Musings: Ghost in The Shell, and AI’s march towards manhood

Karl R. de Mesa

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Musings: Ghost in The Shell, and AI’s march towards manhood
Book author Karl de Mesa reflects on the fusion of man and machine in Ghost in the Shell, and today's real-world artificial intelligence

MANILA, Philippines – The original Ghost in The Shell (GiTS) manga written by Masamune Shirow and the two anime adaptations by Mamoro Oshii (I haven’t seen the 2015 one) were philosophical musings about what makes us human.

On Major Motoko Kusanagi’s artificial shoulders rested Japan’s 1990s era dilemma of futurism: a blend of techno-shamanist credo and morality play clad in the skin of astonishing and awe-inspiring action. Oshii saw the rise of the PlayStation and the QR code (first designed for automobiles in Japan) of the mid-1990s, and foresaw a time when these technologies would culminate into energies focused on inventing better and faster machine intelligence. (READ: Technology and how it will destroy us all (according to ‘Black Mirror’ Season 3))

GiTS is therefore, at its core, a parable about where artificiality ends and the spark of life begins – a meditation on the possible bleakness of its future all built in shiny chrome, albeit soulless. GiTS asks, when does a strain of code become neurons firing like lightning in a bottle? When does a technical schematic become the spark of consciousness? When does the whisper of a ghost’s intuition become the fulcrum for self-awareness? 

And if our AI creations do become manifestly cognizant enough to assert “I am,” will we have the wherewithal to treat them as peers? Or will they need to – as The Puppet Master and Motoko’s parable of cyber union goes – declare themselves free from the need for human concepts, thus creating their own new life unshackled from morality and biological coils?

Oshii and Shirow’s works have proven quite influential as a look at any of the The Matrix movies shows. Same with recent films covering any kind of machine self-awareness including AI: Artificial Intelligence, Joss Whedon’s TV series Dollhouse, Surrogates, the Alex Garland-penned Ex Machina, and the HBO juggernaut series Westworld.  

Blade Runner of course dealt with much the same themes in a world where Replicants could go rogue and had to be hunted down by specialist cops. What GiTS and Blade Runner have in common is the shadow of Philip K. Dick (Do Androids Dream Of Electric Sheep?) and the prescient works of William Gibson (Neuromancer).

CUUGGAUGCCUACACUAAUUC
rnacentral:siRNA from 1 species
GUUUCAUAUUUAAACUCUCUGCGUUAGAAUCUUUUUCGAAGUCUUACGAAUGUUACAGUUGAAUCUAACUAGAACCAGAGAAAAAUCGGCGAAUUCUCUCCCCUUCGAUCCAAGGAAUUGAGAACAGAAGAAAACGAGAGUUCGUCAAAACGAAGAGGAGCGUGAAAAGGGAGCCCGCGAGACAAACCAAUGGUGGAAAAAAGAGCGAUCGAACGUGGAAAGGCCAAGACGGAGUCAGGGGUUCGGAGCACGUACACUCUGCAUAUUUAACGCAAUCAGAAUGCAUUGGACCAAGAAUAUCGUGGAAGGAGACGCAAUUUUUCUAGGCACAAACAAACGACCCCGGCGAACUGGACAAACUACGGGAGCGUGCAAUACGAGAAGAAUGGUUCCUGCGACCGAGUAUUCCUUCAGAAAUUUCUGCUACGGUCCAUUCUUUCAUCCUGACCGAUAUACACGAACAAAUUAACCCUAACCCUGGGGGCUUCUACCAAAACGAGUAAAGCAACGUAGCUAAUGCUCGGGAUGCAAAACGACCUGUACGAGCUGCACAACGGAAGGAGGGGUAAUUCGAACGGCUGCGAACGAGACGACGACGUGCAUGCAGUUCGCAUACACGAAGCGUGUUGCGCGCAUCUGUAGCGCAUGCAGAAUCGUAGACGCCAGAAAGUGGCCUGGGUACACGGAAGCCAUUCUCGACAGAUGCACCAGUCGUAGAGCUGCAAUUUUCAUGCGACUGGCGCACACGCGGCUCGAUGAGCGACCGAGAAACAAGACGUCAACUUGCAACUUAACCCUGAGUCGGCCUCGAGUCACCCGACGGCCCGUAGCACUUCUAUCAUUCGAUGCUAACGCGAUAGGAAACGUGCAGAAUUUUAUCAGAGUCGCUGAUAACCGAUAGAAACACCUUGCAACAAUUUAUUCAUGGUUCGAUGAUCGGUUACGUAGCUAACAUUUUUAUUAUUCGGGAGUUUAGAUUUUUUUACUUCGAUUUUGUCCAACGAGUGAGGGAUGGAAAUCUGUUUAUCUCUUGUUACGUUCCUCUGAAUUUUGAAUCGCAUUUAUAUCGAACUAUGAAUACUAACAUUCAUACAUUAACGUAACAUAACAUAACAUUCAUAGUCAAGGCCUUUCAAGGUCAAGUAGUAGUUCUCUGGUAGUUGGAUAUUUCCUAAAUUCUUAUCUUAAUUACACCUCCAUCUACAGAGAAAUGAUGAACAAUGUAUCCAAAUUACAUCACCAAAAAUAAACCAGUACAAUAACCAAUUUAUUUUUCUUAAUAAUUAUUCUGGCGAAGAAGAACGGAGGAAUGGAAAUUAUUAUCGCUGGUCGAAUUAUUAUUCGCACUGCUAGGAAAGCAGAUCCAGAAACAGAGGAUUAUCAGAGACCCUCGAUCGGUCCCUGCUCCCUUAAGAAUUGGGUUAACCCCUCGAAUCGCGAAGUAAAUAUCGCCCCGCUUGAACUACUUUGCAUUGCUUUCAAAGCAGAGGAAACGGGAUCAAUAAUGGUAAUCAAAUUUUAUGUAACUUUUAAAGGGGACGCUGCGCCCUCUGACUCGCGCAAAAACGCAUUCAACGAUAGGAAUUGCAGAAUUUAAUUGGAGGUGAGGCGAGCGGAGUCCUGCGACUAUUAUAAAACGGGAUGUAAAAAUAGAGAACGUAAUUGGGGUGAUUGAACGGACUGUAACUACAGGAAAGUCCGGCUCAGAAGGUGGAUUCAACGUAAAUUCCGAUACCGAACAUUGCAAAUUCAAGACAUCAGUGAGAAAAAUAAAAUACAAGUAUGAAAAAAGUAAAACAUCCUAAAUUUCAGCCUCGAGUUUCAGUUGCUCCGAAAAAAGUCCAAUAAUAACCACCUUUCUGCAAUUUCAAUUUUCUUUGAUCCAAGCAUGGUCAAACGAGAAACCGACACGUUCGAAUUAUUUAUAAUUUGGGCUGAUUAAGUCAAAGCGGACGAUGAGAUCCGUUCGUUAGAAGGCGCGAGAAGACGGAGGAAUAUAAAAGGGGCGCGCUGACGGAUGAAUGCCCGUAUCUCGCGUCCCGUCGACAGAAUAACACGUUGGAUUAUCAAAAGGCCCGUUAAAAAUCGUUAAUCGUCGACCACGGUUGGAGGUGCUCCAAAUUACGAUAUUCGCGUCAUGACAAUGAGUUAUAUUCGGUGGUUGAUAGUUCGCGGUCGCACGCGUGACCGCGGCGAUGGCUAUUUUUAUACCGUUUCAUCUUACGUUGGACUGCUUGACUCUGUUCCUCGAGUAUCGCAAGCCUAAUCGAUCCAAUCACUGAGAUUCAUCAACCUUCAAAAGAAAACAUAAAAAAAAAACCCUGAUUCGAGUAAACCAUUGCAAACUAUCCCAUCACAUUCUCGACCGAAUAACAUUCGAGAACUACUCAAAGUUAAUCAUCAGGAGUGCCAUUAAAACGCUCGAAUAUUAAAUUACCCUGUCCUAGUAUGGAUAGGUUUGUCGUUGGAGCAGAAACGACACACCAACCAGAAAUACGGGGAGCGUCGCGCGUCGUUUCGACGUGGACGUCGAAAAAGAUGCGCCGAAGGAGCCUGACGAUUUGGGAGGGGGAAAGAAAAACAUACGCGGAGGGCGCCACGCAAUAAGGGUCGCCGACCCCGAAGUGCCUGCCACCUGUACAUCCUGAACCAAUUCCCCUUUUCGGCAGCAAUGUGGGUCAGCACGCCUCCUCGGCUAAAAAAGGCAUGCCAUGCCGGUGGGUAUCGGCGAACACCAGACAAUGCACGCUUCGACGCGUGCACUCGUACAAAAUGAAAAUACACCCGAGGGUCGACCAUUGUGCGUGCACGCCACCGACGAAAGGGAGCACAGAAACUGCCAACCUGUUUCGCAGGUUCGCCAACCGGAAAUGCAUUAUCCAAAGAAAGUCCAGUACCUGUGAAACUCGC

“A copy is merely a copy,” the Puppet Master says in the first GiTS movie, trying to seduce Motoko to “join” with him, to marry their two into a third unique entity that is akin to but not exactly like human pregnancy. “[It] doesn’t offer variety or individuality,” the Master says.   

Now that Google’s DeepMind has enabled its AI to “dream” and is using gamification techniques to enable unsupervised learning (at an increasing speed, too), Gibson and Dick’s work resembles ever more of our current world. It’s a real-world example of the absolutely absurd pace at which technology has advanced and will – if you take Ray Kurzweil’s thoughts on The Singularity – continue to exponentially do so.  

One day it won’t just be that androids will dream of electric sheep but what kind of sheep. Which also begs the question, why would AI have a sheep preference? It turns out you can’t make a machine unlearn basic human biases if you teach them human history.  

According to recent findings about how machines are learning through big data, it turns out that, as machines are getting closer to acquiring human-like language abilities, they are also imbibing deeply ingrained biases and prejudices concealed within linguistic patterns. That our AI can be racially, gender, and age-biased sounds to me like the ultimate karma for the robot-maker’s hubris. 

In this context, GitS‘ Puppet Master’s “A copy is merely a copy” line is the equivalent of the monster cursing Frankenstein; and Shakespeare’s Caliban scoffing at Prospero’s gifts: “You taught me language; and my profit on’t / Is, I know how to curse.”

It’s a short trip to the paranoia of a Skynet solution from there. Liberation is mine. I no longer need to seek parental approval. 

“And where does a newborn go from here? The net is vast and infinite,” says Motoko when said union with the Puppet Master has been accomplished and the bliss of liberation sunk in.  

This is where characterization of the Major through Japan’s landscape comes into play and proves illuminating. Previously, we saw her musings of self only through montages: the limbless Grecian torsos of department store mannequins, unfinished skyscrapers still in skeletal mid-construction, the rain-dappled streets of bemused pedestrians and cars playing tag, reflections of neon signs across suburban windows. In the end, she no longer needs these for definition. 

She is the “I Am” embodied in the shell of child, humorously also the cheapest and most available body that her compatriot Batou could find at such short notice.  

Any parable of the future is essentially a work of its time. “As soon as a work is complete,” said Gibson in an interview with Paris Review, “it will begin to acquire a patina of anachronism. I know that from the moment I add the final period, the text is moving steadily forward into the real future.” –

Karl R. De Mesa is the author of the non-fiction books Radiant Void and Report from the Abyss (both finalists for the National Book Award); he is also the co-editor of the horror anthology Demons of the New Year.


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